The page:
LAGOS/LONDON, Oct 9 (Reuters) – OPEC has granted Nigeria a higher oil output target under an OPEC-led deal to limit oil supply in a move unannounced by the group, following efforts by Africa’s largest exporter to tweak the agreement to accommodate its expanding oil industry.
The country’s allocation was increased to 1.774 million barrels per day (bpd) from 1.685 million bpd at the last OPEC meeting in July, three OPEC delegates with knowledge of the matter said.
“It’s happened,” one of the delegates said. “I’ve not heard of any other changes to the agreement.”
The quota increase will mean Nigeria will see an improvement in its compliance with the supply cut accord, but it is still pumping more crude than the new target according to OPEC’s own figures and industry surveys.
Nigeria’s petroleum ministry and OPEC did not immediately reply to a Reuters request for comment.
Abuja has had a dismal record in delivering its share of the cut, overshooting by 400% in August according to the International Energy Agency. OPEC put Nigerian production at 1.866 million bpd in August – far above the new quota.
The nation has previously tried to draw a distinction between what it considers as crude and what it considers as condensates, an ultra light crude-like product that doesn’t fall under the OPEC+ cut agreement. [reut.rs/2gTrUNC ]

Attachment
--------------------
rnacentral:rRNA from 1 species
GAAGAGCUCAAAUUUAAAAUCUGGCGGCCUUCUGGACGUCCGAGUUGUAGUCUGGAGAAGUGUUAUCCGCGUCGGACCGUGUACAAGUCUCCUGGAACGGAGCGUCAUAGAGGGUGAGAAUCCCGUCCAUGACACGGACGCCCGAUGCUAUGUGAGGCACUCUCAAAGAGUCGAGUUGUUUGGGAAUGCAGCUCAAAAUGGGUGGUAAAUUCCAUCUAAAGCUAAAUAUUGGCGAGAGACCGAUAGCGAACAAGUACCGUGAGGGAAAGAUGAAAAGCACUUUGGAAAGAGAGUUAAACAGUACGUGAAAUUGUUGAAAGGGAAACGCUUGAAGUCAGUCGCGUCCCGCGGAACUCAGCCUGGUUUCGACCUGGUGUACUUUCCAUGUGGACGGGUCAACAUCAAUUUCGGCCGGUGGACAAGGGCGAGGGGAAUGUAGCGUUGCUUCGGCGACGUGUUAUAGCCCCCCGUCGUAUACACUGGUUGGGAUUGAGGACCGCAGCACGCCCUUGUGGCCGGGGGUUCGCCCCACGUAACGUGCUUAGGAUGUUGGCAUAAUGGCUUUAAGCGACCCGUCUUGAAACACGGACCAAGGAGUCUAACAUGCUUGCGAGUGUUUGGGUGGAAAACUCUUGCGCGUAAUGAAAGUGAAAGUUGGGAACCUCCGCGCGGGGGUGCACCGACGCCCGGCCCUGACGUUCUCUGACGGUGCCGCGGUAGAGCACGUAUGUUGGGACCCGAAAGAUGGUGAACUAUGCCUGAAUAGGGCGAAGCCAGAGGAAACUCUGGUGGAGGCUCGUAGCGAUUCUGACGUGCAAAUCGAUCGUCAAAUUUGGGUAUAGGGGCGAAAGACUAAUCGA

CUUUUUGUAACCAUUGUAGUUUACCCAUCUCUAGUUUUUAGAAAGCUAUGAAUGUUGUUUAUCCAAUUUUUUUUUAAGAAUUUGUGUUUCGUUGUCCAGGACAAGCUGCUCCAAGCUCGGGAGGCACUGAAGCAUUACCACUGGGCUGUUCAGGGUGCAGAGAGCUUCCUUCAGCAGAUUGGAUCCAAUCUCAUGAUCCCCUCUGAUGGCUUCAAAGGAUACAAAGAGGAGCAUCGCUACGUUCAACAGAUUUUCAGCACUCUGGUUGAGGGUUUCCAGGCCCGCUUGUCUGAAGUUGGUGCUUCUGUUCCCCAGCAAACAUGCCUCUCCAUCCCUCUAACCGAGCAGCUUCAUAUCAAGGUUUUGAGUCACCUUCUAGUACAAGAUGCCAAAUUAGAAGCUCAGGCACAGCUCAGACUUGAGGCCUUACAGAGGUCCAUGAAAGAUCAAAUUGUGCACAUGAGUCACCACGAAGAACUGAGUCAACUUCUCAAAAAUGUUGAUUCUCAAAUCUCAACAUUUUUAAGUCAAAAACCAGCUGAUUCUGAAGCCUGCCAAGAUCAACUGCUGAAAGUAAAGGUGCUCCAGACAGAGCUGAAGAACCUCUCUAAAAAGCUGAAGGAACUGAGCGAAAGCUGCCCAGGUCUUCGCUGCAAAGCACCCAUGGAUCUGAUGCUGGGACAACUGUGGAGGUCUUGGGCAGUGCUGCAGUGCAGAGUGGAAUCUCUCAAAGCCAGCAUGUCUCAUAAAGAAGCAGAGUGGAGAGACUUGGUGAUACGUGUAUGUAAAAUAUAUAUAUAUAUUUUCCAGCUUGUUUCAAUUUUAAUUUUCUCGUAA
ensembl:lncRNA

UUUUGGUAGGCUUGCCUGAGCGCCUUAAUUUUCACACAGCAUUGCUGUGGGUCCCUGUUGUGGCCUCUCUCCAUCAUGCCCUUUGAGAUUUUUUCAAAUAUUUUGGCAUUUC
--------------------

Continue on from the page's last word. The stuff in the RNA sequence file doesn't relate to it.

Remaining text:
Its own definition of condensates would shave a significant amount exports from its cap. Data from Nigeria’s Department of Petroleum Resources pegged daily average condensate production as between 414,000 to 497,000 bpd in 2017, the latest year available. That accounted for 17%-19% of total output that year.
One of the OPEC delegates said OPEC granted Nigeria the target revision because of the new Total-operated Egina oilfield which started production in January and had not been factored in when the initial quota was calculated.
Some of the Egina production will also classify as condensates, meaning even more of Nigeria’s output would not count towards the new cap.
While OPEC has not formally announced the change, Nigerian Minister of State for Petroleum Resources Timipre Sylva mentioned the new target in a Bloomberg interview last week. He did not elaborate on circumstances leading to the new target.
The 14-nation Organization of the Petroleum Exporting Countries agreed in December with non-OPEC partners including Russia to curb crude production by 1.2 million bpd from the start of this year.
OPEC’s share of the cut is 800,000 bpd, with Venezuela, Iran and Libya exempt. It is not clear whether this figure, or any other countries’ targets, have been adjusted to accommodate Nigeria’s increased quota.
Nigeria only started participating in the deal in January, having been granted and exemption in previous OPEC+ cuts due to militant attacks that reduced its output.
Additional reporting by Rania El Gamal in Dubai; editing by